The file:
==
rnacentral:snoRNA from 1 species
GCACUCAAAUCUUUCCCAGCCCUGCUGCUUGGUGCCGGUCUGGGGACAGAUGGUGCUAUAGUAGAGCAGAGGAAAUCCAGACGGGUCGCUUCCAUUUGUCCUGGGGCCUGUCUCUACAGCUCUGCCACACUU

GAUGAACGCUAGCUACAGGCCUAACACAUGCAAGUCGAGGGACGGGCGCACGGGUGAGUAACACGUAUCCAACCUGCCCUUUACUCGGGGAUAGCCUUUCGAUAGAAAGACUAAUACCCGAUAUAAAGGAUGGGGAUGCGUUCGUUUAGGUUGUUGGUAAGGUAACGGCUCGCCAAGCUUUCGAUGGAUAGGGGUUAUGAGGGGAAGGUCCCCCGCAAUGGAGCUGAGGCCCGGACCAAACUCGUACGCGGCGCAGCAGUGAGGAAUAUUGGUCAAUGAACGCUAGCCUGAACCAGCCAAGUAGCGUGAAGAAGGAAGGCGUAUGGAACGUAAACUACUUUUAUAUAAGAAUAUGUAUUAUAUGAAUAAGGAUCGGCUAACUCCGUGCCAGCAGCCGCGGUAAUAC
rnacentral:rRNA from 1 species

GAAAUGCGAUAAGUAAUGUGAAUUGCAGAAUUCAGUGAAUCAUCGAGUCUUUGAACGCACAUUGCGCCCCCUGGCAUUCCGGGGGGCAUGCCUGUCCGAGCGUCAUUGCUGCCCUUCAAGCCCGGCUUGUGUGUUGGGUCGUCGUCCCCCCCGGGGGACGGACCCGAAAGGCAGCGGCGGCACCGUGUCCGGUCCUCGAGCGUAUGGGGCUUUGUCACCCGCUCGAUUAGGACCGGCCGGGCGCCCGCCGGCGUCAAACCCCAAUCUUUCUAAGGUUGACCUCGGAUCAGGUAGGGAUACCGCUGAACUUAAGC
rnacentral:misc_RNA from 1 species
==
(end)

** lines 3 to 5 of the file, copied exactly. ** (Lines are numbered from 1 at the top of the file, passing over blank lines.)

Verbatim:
GAUGAACGCUAGCUACAGGCCUAACACAUGCAAGUCGAGGGACGGGCGCACGGGUGAGUAACACGUAUCCAACCUGCCCUUUACUCGGGGAUAGCCUUUCGAUAGAAAGACUAAUACCCGAUAUAAAGGAUGGGGAUGCGUUCGUUUAGGUUGUUGGUAAGGUAACGGCUCGCCAAGCUUUCGAUGGAUAGGGGUUAUGAGGGGAAGGUCCCCCGCAAUGGAGCUGAGGCCCGGACCAAACUCGUACGCGGCGCAGCAGUGAGGAAUAUUGGUCAAUGAACGCUAGCCUGAACCAGCCAAGUAGCGUGAAGAAGGAAGGCGUAUGGAACGUAAACUACUUUUAUAUAAGAAUAUGUAUUAUAUGAAUAAGGAUCGGCUAACUCCGUGCCAGCAGCCGCGGUAAUAC
rnacentral:rRNA from 1 species

GAAAUGCGAUAAGUAAUGUGAAUUGCAGAAUUCAGUGAAUCAUCGAGUCUUUGAACGCACAUUGCGCCCCCUGGCAUUCCGGGGGGCAUGCCUGUCCGAGCGUCAUUGCUGCCCUUCAAGCCCGGCUUGUGUGUUGGGUCGUCGUCCCCCCCGGGGGACGGACCCGAAAGGCAGCGGCGGCACCGUGUCCGGUCCUCGAGCGUAUGGGGCUUUGUCACCCGCUCGAUUAGGACCGGCCGGGCGCCCGCCGGCGUCAAACCCCAAUCUUUCUAAGGUUGACCUCGGAUCAGGUAGGGAUACCGCUGAACUUAAGC